The past two years have seen students with disabilities knocking on the doors of various courts to gain admissions in medical colleges after clearing their medical entrance examinations under the National Eligibility cum Entrance Test (NEET). During the same period, courts have rejected various discriminatory guidelines by the Medical Council of India and AIIMS, Delhi experts against persons with disabilities vis-a-vis medical entrance examinations.
The NEET (Undergraduate) 2019 information booklet that released earlier this month, however, reflects neither the updated information nor the amended laws. This has led to a confusion among students with disabilities about whether they are eligible for and should apply for these examinations at all.
A paediatrician whose child has learning disability, said on the condition of anonymity that the Supreme Court had last year allowed admission in medical courses for such students as they fall in the category of 21 disabilities covered by the Right to Persons with Disabilities Act 2016.
“These children have learning disability and cannot read like other children do. However, there are different techniques by which they learn. By the time they reach the age of 17 or 18, their learning abilities become crystallised. So they are able to appear for competitive examinations as well,” she explained.
She added that while the government has set a 40% parameter to be considered disabled, the issue with learning disability is that it cannot be quantified. Yet, she said, the Supreme Court upheld the rights of such students for admission but NEET has failed to clarify whether they qualify to appear for the tests.
Determining eligibility of each student with disability necessary
A professor at a government medical college in Tamil Nadu who is seeking admission for his visually impaired child said he had written to authorities on the status of various categories of disability but failed to evoke any response.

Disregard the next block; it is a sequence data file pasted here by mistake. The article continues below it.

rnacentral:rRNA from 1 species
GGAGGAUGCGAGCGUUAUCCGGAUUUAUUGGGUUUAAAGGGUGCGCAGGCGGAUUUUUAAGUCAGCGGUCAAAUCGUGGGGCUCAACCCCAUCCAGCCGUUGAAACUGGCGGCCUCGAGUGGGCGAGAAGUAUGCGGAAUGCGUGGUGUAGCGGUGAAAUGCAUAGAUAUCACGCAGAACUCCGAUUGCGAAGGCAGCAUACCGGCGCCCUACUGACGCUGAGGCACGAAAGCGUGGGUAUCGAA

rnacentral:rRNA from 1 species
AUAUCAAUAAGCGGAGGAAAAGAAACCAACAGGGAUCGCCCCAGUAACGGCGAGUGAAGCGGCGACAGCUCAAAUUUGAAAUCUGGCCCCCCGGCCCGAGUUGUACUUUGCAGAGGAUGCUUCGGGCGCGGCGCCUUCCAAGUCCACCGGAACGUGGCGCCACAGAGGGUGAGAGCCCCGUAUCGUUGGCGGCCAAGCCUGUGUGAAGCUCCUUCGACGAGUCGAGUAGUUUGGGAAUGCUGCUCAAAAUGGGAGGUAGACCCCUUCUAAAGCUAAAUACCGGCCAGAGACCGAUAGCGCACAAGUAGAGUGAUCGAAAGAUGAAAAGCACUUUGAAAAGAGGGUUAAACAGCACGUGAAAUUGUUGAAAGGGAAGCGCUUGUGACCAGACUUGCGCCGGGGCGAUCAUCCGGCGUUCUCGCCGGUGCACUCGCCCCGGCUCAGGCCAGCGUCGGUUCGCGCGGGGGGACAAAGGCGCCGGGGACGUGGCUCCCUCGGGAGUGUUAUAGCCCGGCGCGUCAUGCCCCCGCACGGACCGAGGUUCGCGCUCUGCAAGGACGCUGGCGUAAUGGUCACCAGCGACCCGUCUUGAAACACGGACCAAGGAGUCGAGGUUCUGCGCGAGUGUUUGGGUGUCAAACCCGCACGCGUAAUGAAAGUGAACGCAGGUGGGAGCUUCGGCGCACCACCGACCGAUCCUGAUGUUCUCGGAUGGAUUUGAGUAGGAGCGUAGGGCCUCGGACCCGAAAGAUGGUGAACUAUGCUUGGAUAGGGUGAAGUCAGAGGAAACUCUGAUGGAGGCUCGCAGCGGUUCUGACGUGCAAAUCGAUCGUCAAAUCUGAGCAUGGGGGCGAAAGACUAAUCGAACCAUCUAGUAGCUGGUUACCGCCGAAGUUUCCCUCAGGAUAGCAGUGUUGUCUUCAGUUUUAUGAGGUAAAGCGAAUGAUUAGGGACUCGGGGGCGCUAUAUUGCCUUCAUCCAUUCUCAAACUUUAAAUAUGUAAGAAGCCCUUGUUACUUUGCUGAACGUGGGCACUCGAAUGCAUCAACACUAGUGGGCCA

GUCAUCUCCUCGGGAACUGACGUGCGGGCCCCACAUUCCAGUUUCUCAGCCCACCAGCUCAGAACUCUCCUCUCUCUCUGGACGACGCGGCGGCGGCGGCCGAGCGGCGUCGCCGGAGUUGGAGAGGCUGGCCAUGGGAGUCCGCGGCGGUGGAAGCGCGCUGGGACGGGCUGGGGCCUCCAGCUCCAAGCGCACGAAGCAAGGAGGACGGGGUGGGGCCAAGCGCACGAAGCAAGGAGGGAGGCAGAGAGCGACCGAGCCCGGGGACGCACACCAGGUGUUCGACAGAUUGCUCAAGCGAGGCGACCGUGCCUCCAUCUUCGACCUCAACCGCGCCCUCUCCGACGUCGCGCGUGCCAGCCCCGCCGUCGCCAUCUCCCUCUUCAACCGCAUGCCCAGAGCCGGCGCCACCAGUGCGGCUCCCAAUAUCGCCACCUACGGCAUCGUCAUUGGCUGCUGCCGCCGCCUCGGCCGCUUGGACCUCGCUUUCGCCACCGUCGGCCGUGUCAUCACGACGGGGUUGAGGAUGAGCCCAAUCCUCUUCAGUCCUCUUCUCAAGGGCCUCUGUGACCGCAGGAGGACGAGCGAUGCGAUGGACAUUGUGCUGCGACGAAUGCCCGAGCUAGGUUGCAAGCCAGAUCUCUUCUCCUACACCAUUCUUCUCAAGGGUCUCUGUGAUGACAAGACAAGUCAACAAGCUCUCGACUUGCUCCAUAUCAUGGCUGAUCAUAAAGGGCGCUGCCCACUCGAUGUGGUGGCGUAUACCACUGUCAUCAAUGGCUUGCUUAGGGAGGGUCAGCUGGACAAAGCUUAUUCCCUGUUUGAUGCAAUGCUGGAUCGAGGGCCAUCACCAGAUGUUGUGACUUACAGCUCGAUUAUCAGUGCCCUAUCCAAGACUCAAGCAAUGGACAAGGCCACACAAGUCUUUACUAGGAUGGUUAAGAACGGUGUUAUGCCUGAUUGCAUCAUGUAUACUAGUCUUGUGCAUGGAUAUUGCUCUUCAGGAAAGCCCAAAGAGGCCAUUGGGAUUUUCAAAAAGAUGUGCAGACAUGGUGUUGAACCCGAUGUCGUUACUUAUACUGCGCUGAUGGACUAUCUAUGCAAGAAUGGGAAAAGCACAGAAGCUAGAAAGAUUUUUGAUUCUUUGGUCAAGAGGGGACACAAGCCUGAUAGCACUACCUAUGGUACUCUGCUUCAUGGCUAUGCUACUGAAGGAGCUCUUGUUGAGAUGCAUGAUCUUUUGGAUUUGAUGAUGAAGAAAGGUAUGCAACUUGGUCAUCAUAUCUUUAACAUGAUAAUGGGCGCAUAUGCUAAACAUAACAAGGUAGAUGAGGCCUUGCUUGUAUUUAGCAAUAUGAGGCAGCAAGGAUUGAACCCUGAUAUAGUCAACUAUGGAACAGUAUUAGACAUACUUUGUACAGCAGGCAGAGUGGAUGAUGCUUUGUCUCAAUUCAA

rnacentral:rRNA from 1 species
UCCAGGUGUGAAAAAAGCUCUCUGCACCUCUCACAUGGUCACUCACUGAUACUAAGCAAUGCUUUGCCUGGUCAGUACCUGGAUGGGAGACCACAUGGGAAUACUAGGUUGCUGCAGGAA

Speaking on condition of anonymity, the professor added that as per existing guidelines, there is no scope for admission in such cases. “However, the Supreme Court had last year provided admission to such students. So I am thinking of applying for the examination for my child and later fighting it out in court if the need arises,” he added.
He said another area of concern, is whether the decision on who qualifies under the disability category is taken by just one person in the Medical Counselling Committee. “Ideally, there should be a panel for each category. Even the Supreme Court had constituted a panel when it gave admission to a low-vision student last year.”
Activists approach Ministry, other authorities for clarification
With the last date of submitting the admission forms being November 30, disability rights activists have approached the Ministry of Health and Family Welfare as also various authorities for clarity on the issue.
Talking to The Wire, Dr. Satendra Singh, founder of Doctors with Disabilities: Agents of Change, said students suffering from various kind of disabilities and their parents have been impacted by the opaqueness around the admission process. “It is discriminatory for the National Testing Agency to start the online application process for NEET 2019 as there is no clarity yet on guidelines for candidates with disabilities. This will give undue advantage to non-disabled candidates.”
Singh also charged that the brochure still contains the old details of disability assessment boards that exist in the metro cities. He said these were increased to nine after court intervention.